HEART OF HOME

PEOPLE, WILDLIFE, PLACE

Kerasote's acclaimed Bloodties (1993) contrasted trophy and subsistence hunting; these essays stake out a middle ground between those poles, posing hard questions about the ethics of hunting and fishing practiced by America's ``recreational'' outdoorsmen. Though a columnist for Sports Afield, Kerasote loathes the image of rugged danger promoted by sporting mags. His outdoor adventures—hunting elk at home in Wyoming's Gros Ventres or chasing exotic trout while climbing mountains from the Himalayas to Patagonia—aim for something between extremes. As a boy he sought ``a niche between Theodore and John'' (Theodore Roosevelt, great white hunter and father of the conservation or ``wise-use'' ethic, and John Muir, founder of the Sierra Club and the preservation or ``no-use'' ethic); as a man he seeks a place between ``the far left of the animal welfare movement which wants to eradicate all fishing and hunting, and the far right of the hunting community, which wants to circle the wagons and defend all of it.'' He finds his ground by taking a wide view of our role in nature, a perspective that goes so far as to reject the standard division of matter into sentient and nonsentient. Where that leads him—toward questioning the morality of catch-and-release fishing (because increasing scientific evidence suggests fish feel pain) and apologizing to rocks and dead pines displaced by his cabin—may seem kooky to some. But his tough questions make it clear that everyone, vegetarians included, has a stake in death, and the questions are too fundamental and too-long unasked to dismiss. Kerasote's clear-eyed inquiry into the ethics of hunting and fishing, and, more importantly, the prescriptions he offers for saving those activities from overzealousness, is everything good outdoor writing should be: rigorous, thoughtful, free of sentiment but open to natural beauty, considerate of the sporting tradition but unstinting in its examination of the sustainability of current practices.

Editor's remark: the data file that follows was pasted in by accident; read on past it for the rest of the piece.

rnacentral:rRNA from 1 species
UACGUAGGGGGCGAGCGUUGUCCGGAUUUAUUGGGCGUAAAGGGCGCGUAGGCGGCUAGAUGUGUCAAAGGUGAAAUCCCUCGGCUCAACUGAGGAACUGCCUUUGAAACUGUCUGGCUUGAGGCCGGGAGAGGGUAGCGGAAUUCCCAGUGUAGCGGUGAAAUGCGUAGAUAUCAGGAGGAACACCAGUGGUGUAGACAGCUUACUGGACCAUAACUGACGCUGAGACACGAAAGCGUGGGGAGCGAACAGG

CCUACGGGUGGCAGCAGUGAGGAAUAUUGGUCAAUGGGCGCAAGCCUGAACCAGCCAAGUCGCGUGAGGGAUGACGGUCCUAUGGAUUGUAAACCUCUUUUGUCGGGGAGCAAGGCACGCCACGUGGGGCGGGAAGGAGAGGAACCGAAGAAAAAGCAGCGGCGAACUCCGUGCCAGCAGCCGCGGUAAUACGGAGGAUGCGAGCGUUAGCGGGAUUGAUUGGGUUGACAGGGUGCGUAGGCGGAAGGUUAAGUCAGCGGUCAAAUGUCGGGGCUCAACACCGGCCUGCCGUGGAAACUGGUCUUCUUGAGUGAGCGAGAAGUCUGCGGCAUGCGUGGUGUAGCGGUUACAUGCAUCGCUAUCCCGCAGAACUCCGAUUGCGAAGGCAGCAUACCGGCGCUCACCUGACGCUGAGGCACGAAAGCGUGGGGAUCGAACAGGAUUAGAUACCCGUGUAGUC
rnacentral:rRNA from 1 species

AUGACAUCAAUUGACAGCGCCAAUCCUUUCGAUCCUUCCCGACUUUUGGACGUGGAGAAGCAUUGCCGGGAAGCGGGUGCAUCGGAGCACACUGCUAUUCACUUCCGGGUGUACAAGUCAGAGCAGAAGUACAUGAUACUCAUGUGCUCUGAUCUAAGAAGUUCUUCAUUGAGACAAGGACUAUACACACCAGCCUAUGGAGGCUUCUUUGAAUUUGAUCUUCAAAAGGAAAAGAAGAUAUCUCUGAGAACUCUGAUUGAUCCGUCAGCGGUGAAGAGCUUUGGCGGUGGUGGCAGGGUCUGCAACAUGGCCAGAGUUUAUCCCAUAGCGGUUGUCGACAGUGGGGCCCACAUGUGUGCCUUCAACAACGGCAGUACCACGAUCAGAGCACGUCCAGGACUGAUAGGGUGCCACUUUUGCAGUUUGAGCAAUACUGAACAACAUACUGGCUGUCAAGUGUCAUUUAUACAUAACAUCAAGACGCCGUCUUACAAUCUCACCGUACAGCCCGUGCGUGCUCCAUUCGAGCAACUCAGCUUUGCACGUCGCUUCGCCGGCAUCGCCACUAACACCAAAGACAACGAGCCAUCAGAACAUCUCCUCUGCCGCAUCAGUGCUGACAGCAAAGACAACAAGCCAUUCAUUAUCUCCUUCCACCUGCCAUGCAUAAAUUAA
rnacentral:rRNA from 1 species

Pub Date: Jan. 1, 1998

ISBN: 0-679-45012-2

Page Count: 220

Publisher: Villard

Review Posted Online: May 20, 2010

Kirkus Reviews Issue: Nov. 1, 1997

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An absorbing, wide-ranging story of humans’ relationship with the water.